posted 12-Sep-2012 | no comments | , , , , ,

Most modern browsers restrict access for all Javascript requests made from a page, allowing only requests made to the server from where the page was loaded. This (same origin policy) is generally a good idea since it goes a long way to prevent XSS.

But sometimes you need that kind of access, for example when developing an HTML based mobile app that retrieves dynamic content from a web server. In that scenario the web pages are run locally in the mobile device (smartphone or tablet) and they make requests and posts to your remote web server, which is by default not allowed.

You can go around this by just modifying the web server response to include the Access-Control-Allow-Origin header with a valid origin value. For example:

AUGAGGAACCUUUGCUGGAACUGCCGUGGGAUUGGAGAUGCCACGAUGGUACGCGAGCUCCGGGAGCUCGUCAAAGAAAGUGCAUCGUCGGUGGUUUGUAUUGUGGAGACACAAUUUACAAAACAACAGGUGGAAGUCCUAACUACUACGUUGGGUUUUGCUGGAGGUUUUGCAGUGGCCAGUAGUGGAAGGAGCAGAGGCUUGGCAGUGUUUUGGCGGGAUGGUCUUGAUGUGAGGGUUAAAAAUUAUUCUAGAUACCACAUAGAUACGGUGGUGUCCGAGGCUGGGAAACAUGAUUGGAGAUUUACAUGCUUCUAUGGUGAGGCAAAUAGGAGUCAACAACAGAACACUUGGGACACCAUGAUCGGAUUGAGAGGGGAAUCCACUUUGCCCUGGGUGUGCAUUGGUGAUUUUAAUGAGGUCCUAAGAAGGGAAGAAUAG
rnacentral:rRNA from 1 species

Access-Control-Allow-Origin: *

Will allow all requests from all origins.

You can configure this to be sent on the desired requests on your web server, or you can just add the header programatically on each page/service you need, for example in PHP you can just add:

<?php header('Access-Control-Allow-Origin: *'); ?>